A review of The Asylum by John Harwood

Confused and disoriented, Georgina Ferrars awakens in a small room in Tregannon House, a private asylum in a remote corner of England. She has no memory of the past few weeks. The doctor, Maynard Straker, tells her that she admitted herself under the name Lucy Ashton the day before, then suffered a seizure. When she insists he has mistaken her for someone else, Dr. Straker sends a telegram to her uncle, who replies that Georgina Ferrars is at home with him in London: “Your patient must be an imposter.”

Suddenly her voluntary confinement becomes involuntary. Who is the woman in her uncle’s house? And what has become of her two most precious possessions, a dragonfly pin left to her by her mother and a writing case containing her journal, the only record of those missing weeks? Georgina’s perilous quest to free herself takes us from a cliffside cottage on the Isle of Wight to the secret passages of Tregannon House and into a web of hidden family ties on which her survival depends.

Hardcover, 257 pages
Published May 21st 2013 by Houghton Mifflin Harcourt 

Now, this is the first John Harwood novel that I’ve read but it left me curious to read his previous novels. You see, 'The Asylum' is well written and contains the usual Victorian Gothic themes of an overly emotional, much too stimulated woman who ‘supposedly’ brings herself to Tregannon Asylum using a different name! When doctors speak to her, her memories are sporadic and she insists that her name is Georgina Ferrars and not Lucy Ashton. Now, this could be a result of a few situations namely a possible doppelganger, a family member trying to get rid of her or something much different.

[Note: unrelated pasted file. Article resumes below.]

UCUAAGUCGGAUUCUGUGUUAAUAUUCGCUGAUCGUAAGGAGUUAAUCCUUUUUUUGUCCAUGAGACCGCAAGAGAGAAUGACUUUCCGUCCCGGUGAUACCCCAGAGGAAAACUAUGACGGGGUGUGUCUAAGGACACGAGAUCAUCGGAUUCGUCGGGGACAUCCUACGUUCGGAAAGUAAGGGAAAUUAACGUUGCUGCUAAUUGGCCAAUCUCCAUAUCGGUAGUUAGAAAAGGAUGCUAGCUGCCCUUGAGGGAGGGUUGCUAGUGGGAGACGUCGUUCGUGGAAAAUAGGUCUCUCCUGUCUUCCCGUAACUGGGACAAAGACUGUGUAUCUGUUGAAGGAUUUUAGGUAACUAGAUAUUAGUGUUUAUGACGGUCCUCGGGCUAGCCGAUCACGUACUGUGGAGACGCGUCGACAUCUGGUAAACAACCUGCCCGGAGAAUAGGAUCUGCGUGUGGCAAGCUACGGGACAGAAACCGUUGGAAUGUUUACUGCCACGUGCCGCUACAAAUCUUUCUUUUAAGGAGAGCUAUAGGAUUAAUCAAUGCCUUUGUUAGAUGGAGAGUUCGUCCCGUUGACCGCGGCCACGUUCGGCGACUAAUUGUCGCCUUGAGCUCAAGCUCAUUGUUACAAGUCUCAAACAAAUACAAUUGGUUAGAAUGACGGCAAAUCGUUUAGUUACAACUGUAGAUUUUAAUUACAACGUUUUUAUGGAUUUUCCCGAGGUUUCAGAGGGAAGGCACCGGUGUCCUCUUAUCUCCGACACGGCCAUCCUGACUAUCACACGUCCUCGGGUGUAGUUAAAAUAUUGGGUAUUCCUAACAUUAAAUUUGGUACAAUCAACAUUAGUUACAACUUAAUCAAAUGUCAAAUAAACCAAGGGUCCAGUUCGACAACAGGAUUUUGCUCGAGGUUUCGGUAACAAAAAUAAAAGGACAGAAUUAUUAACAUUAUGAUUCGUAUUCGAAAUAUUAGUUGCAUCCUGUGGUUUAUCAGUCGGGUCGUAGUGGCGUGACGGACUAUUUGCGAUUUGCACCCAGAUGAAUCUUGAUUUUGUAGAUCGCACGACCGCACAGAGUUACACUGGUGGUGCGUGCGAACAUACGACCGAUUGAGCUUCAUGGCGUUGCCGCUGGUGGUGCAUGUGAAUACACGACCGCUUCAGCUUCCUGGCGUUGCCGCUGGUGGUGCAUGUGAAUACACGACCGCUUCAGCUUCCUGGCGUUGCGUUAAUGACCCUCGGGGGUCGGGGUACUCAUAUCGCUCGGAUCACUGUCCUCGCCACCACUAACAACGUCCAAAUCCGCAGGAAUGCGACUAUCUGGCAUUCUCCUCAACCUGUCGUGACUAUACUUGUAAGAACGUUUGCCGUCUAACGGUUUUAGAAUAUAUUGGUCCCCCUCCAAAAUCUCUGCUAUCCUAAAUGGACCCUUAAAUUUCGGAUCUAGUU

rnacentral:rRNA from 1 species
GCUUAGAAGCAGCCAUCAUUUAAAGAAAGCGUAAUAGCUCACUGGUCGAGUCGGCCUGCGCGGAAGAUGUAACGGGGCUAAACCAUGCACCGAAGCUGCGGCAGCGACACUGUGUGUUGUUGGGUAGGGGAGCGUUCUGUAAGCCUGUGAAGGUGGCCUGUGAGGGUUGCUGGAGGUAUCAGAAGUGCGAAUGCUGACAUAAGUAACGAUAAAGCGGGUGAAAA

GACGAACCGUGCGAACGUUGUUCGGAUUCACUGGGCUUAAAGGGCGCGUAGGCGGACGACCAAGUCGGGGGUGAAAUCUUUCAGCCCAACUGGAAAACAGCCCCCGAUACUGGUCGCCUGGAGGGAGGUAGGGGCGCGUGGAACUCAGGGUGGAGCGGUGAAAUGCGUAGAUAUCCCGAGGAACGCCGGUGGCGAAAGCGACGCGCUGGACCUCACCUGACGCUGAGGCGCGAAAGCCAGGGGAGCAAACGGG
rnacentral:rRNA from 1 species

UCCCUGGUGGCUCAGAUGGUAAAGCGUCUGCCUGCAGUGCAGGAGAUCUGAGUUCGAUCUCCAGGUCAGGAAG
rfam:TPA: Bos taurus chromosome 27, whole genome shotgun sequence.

John Harwood writes in a very descriptive and detailed manner, so this will both capture your attention and keep you wanting to read further or frustrate you so much that you give up. The plot supports the ending which does contain a twist. I enjoyed the fact that this woman’s identity had to do with letters and the possibility of a future occurrence so important there is a special clause added to someone’s will.  I highly recommend it! I was pleasantly surprised that I didn't find the plot and especially the ending predictable. I enjoyed 'The Asylum' very much and will read his other novels.  I don't want to make this an overly detailed review because with these types of novels, it will ruin the enjoyment of experiencing the characters and the Victorian ambience for yourself! Just enjoy the twists and turns and have fun reading 'The Asylum.'


Thanks for reminding me about this, Kimberly! I had intended to buy it when I first heard about it and then it slipped my mind.
Kimberly Eve said…
Hi Stephanie, I hope you enjoy it. Thanks so much for stopping by!
Laura Morrigan said…
I am a big John Harwood fan, I especially loved The Ghost Writer! The Seance was great, too!
Kimberly Eve said…
Hi Laura,
I'm definitely reading The Seance next and The Ghost Writer is on my TBR list!
I'm so glad to know you're a John Harwood fan! Looks like he has a fan in me, too!
Thanks for commenting!
Judy said…
Harwood is great. You will enjoy reading more.
Kimberly Eve said…
Hi Judy,
I can't wait to read his two other books and will review them as well.
Thanks for stopping by!